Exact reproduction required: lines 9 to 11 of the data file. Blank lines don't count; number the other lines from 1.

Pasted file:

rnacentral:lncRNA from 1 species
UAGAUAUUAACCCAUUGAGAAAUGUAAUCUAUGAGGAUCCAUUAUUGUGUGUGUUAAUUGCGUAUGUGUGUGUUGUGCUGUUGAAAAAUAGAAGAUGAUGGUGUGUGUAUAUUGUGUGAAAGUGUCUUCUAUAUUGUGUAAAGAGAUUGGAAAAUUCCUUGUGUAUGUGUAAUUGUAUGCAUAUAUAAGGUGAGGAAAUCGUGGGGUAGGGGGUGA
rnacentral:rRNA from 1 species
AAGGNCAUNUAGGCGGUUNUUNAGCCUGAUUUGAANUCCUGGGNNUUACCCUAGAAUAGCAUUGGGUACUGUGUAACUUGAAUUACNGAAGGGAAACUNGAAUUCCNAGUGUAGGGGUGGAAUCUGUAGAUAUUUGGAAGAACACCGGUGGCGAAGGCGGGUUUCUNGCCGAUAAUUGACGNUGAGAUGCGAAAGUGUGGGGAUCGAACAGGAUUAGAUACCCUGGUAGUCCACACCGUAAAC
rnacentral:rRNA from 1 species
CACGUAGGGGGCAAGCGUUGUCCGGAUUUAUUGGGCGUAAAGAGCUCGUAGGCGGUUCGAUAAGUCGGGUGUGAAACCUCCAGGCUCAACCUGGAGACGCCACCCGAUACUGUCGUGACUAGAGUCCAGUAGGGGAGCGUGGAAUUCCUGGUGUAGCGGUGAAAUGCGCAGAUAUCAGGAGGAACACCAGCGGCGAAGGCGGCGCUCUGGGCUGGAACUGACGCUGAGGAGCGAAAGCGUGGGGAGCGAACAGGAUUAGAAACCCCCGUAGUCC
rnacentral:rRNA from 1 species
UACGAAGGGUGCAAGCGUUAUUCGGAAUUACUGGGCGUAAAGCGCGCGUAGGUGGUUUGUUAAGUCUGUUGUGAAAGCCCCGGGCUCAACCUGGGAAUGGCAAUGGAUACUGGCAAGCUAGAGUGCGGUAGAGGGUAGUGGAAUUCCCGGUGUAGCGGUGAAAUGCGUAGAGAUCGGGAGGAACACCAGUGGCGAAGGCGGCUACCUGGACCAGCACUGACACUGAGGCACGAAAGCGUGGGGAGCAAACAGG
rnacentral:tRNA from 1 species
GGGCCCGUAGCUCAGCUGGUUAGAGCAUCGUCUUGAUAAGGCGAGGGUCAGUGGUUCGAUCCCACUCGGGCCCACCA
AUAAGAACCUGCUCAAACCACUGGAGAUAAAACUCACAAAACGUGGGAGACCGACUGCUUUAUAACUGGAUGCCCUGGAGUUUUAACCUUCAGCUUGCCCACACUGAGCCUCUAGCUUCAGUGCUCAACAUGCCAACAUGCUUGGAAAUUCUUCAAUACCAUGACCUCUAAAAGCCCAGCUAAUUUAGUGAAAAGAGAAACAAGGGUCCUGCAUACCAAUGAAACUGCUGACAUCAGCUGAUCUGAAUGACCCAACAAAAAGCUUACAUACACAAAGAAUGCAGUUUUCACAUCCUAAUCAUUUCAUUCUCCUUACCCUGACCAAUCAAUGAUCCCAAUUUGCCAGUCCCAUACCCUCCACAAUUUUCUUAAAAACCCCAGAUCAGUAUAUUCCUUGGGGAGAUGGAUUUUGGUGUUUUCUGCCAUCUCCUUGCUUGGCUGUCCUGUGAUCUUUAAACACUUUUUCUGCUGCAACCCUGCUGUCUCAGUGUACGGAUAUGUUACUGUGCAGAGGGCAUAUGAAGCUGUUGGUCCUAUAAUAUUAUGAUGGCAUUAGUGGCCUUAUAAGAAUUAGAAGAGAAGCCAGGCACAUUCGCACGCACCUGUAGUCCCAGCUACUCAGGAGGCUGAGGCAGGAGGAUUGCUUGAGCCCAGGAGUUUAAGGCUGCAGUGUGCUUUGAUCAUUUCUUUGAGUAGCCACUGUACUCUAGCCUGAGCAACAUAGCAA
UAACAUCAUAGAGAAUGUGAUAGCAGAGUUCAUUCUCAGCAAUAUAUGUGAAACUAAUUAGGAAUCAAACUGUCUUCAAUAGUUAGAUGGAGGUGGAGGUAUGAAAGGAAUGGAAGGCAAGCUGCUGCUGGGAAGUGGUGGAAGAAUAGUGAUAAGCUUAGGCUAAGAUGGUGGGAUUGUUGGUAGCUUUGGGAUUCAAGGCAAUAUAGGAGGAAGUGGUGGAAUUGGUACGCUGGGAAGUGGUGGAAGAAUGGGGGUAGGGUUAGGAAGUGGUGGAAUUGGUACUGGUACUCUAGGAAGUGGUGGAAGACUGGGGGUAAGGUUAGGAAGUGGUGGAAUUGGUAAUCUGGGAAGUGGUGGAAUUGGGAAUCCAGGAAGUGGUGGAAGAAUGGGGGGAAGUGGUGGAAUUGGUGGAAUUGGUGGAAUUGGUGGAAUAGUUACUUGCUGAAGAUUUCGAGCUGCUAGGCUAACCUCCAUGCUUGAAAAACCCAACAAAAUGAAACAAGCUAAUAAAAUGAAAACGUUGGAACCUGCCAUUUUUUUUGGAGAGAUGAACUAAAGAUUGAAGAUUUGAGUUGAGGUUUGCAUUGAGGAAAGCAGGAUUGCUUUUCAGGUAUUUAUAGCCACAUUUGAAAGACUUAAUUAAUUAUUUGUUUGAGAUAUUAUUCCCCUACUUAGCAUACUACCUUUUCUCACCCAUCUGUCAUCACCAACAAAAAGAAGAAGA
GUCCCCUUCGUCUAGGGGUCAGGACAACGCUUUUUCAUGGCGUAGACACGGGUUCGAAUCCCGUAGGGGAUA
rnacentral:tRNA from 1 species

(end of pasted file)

rnacentral:tRNA from 1 species
GGGCCCGUAGCUCAGCUGGUUAGAGCAUCGUCUUGAUAAGGCGAGGGUCAGUGGUUCGAUCCCACUCGGGCCCACCA
AUAAGAACCUGCUCAAACCACUGGAGAUAAAACUCACAAAACGUGGGAGACCGACUGCUUUAUAACUGGAUGCCCUGGAGUUUUAACCUUCAGCUUGCCCACACUGAGCCUCUAGCUUCAGUGCUCAACAUGCCAACAUGCUUGGAAAUUCUUCAAUACCAUGACCUCUAAAAGCCCAGCUAAUUUAGUGAAAAGAGAAACAAGGGUCCUGCAUACCAAUGAAACUGCUGACAUCAGCUGAUCUGAAUGACCCAACAAAAAGCUUACAUACACAAAGAAUGCAGUUUUCACAUCCUAAUCAUUUCAUUCUCCUUACCCUGACCAAUCAAUGAUCCCAAUUUGCCAGUCCCAUACCCUCCACAAUUUUCUUAAAAACCCCAGAUCAGUAUAUUCCUUGGGGAGAUGGAUUUUGGUGUUUUCUGCCAUCUCCUUGCUUGGCUGUCCUGUGAUCUUUAAACACUUUUUCUGCUGCAACCCUGCUGUCUCAGUGUACGGAUAUGUUACUGUGCAGAGGGCAUAUGAAGCUGUUGGUCCUAUAAUAUUAUGAUGGCAUUAGUGGCCUUAUAAGAAUUAGAAGAGAAGCCAGGCACAUUCGCACGCACCUGUAGUCCCAGCUACUCAGGAGGCUGAGGCAGGAGGAUUGCUUGAGCCCAGGAGUUUAAGGCUGCAGUGUGCUUUGAUCAUUUCUUUGAGUAGCCACUGUACUCUAGCCUGAGCAACAUAGCAA